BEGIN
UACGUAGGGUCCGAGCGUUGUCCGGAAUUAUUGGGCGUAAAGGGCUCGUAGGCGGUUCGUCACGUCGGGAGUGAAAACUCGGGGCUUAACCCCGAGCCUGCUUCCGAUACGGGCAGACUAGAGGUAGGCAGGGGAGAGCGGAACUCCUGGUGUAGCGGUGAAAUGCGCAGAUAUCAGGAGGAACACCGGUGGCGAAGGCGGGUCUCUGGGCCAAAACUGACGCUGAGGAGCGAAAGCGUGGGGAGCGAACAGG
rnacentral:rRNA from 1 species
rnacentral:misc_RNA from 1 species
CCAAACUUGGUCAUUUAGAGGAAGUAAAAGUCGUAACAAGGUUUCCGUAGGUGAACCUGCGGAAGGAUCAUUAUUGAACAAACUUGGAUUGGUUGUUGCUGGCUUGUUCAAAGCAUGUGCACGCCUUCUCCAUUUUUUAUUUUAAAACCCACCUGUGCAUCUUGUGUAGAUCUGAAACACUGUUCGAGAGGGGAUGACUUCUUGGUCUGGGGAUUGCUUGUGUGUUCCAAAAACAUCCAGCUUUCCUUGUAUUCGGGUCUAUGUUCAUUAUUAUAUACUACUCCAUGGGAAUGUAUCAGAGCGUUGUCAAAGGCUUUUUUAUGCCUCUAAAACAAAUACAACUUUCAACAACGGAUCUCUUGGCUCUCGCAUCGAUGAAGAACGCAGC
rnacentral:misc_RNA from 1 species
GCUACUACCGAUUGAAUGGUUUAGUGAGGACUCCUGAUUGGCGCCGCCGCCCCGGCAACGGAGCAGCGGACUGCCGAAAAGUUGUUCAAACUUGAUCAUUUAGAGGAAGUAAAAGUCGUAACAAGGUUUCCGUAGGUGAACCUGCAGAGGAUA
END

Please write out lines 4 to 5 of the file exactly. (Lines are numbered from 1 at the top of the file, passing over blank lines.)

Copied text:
CCAAACUUGGUCAUUUAGAGGAAGUAAAAGUCGUAACAAGGUUUCCGUAGGUGAACCUGCGGAAGGAUCAUUAUUGAACAAACUUGGAUUGGUUGUUGCUGGCUUGUUCAAAGCAUGUGCACGCCUUCUCCAUUUUUUAUUUUAAAACCCACCUGUGCAUCUUGUGUAGAUCUGAAACACUGUUCGAGAGGGGAUGACUUCUUGGUCUGGGGAUUGCUUGUGUGUUCCAAAAACAUCCAGCUUUCCUUGUAUUCGGGUCUAUGUUCAUUAUUAUAUACUACUCCAUGGGAAUGUAUCAGAGCGUUGUCAAAGGCUUUUUUAUGCCUCUAAAACAAAUACAACUUUCAACAACGGAUCUCUUGGCUCUCGCAUCGAUGAAGAACGCAGC
rnacentral:misc_RNA from 1 species